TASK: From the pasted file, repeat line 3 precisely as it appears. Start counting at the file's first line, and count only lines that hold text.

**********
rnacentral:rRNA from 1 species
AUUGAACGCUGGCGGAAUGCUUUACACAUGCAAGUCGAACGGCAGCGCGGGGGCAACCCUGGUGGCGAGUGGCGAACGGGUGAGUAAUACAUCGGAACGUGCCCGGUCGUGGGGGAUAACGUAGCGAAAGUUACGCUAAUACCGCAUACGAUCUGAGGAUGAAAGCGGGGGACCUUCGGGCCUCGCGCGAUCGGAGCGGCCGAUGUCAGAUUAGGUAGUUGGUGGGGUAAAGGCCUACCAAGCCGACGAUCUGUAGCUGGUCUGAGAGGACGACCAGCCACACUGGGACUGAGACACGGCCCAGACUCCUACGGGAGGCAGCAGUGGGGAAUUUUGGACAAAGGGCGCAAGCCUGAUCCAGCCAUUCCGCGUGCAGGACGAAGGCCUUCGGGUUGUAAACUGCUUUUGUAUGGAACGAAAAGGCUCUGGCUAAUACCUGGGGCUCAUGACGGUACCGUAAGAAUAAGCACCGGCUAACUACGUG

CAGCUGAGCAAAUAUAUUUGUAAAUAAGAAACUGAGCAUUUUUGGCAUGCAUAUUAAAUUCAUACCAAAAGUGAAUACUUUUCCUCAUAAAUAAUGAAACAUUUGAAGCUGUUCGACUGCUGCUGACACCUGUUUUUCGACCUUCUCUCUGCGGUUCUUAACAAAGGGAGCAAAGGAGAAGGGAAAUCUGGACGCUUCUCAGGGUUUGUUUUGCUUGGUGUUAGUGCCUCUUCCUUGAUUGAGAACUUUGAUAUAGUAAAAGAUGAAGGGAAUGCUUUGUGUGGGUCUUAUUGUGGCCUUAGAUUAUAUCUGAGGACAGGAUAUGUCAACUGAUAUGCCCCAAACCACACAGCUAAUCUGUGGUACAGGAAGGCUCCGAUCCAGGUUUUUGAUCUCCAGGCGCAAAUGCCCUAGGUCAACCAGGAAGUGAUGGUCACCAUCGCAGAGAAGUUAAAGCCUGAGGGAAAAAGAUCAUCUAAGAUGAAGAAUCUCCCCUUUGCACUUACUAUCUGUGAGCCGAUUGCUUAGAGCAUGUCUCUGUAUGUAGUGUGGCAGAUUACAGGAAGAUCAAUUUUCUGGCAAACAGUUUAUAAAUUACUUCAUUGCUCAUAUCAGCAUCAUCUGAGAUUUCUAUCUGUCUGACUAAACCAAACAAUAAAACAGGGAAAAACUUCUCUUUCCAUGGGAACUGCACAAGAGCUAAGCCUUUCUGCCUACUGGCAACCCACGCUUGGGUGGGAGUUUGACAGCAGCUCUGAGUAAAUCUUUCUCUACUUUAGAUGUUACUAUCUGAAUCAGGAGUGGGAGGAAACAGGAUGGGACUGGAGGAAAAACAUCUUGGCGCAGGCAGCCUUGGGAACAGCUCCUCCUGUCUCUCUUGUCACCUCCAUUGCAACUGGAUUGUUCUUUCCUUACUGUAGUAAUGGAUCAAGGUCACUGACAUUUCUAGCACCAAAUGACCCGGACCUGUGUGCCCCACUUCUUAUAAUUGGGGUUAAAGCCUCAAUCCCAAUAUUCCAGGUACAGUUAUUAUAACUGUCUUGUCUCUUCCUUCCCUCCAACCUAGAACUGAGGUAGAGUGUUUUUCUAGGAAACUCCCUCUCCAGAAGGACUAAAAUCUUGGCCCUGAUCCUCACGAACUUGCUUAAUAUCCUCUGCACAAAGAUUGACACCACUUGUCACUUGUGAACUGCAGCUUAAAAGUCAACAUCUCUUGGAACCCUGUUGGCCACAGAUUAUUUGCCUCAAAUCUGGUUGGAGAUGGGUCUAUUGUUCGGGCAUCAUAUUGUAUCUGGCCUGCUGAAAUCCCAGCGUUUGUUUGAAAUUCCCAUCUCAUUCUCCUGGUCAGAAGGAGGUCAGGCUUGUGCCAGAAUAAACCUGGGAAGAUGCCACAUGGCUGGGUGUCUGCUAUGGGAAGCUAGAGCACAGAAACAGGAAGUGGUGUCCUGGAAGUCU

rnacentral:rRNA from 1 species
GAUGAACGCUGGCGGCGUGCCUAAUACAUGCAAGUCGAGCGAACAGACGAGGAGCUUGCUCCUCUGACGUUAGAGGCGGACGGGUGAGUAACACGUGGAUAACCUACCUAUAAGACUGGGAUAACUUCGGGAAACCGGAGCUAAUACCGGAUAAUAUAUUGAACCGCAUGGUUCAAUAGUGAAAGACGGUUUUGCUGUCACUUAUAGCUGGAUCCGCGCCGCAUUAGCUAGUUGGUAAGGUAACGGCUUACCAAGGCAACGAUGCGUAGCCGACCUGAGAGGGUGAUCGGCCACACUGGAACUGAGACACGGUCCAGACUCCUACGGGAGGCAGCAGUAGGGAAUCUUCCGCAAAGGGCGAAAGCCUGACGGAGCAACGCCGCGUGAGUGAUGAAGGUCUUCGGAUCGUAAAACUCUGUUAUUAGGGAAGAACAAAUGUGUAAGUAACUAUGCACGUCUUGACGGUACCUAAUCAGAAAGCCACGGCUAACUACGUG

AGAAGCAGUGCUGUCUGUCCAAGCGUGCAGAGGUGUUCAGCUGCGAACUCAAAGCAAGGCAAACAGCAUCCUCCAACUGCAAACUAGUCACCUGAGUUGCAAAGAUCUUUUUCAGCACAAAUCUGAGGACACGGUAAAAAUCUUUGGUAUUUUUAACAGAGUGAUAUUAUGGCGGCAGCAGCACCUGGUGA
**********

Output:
CAGCUGAGCAAAUAUAUUUGUAAAUAAGAAACUGAGCAUUUUUGGCAUGCAUAUUAAAUUCAUACCAAAAGUGAAUACUUUUCCUCAUAAAUAAUGAAACAUUUGAAGCUGUUCGACUGCUGCUGACACCUGUUUUUCGACCUUCUCUCUGCGGUUCUUAACAAAGGGAGCAAAGGAGAAGGGAAAUCUGGACGCUUCUCAGGGUUUGUUUUGCUUGGUGUUAGUGCCUCUUCCUUGAUUGAGAACUUUGAUAUAGUAAAAGAUGAAGGGAAUGCUUUGUGUGGGUCUUAUUGUGGCCUUAGAUUAUAUCUGAGGACAGGAUAUGUCAACUGAUAUGCCCCAAACCACACAGCUAAUCUGUGGUACAGGAAGGCUCCGAUCCAGGUUUUUGAUCUCCAGGCGCAAAUGCCCUAGGUCAACCAGGAAGUGAUGGUCACCAUCGCAGAGAAGUUAAAGCCUGAGGGAAAAAGAUCAUCUAAGAUGAAGAAUCUCCCCUUUGCACUUACUAUCUGUGAGCCGAUUGCUUAGAGCAUGUCUCUGUAUGUAGUGUGGCAGAUUACAGGAAGAUCAAUUUUCUGGCAAACAGUUUAUAAAUUACUUCAUUGCUCAUAUCAGCAUCAUCUGAGAUUUCUAUCUGUCUGACUAAACCAAACAAUAAAACAGGGAAAAACUUCUCUUUCCAUGGGAACUGCACAAGAGCUAAGCCUUUCUGCCUACUGGCAACCCACGCUUGGGUGGGAGUUUGACAGCAGCUCUGAGUAAAUCUUUCUCUACUUUAGAUGUUACUAUCUGAAUCAGGAGUGGGAGGAAACAGGAUGGGACUGGAGGAAAAACAUCUUGGCGCAGGCAGCCUUGGGAACAGCUCCUCCUGUCUCUCUUGUCACCUCCAUUGCAACUGGAUUGUUCUUUCCUUACUGUAGUAAUGGAUCAAGGUCACUGACAUUUCUAGCACCAAAUGACCCGGACCUGUGUGCCCCACUUCUUAUAAUUGGGGUUAAAGCCUCAAUCCCAAUAUUCCAGGUACAGUUAUUAUAACUGUCUUGUCUCUUCCUUCCCUCCAACCUAGAACUGAGGUAGAGUGUUUUUCUAGGAAACUCCCUCUCCAGAAGGACUAAAAUCUUGGCCCUGAUCCUCACGAACUUGCUUAAUAUCCUCUGCACAAAGAUUGACACCACUUGUCACUUGUGAACUGCAGCUUAAAAGUCAACAUCUCUUGGAACCCUGUUGGCCACAGAUUAUUUGCCUCAAAUCUGGUUGGAGAUGGGUCUAUUGUUCGGGCAUCAUAUUGUAUCUGGCCUGCUGAAAUCCCAGCGUUUGUUUGAAAUUCCCAUCUCAUUCUCCUGGUCAGAAGGAGGUCAGGCUUGUGCCAGAAUAAACCUGGGAAGAUGCCACAUGGCUGGGUGUCUGCUAUGGGAAGCUAGAGCACAGAAACAGGAAGUGGUGUCCUGGAAGUCU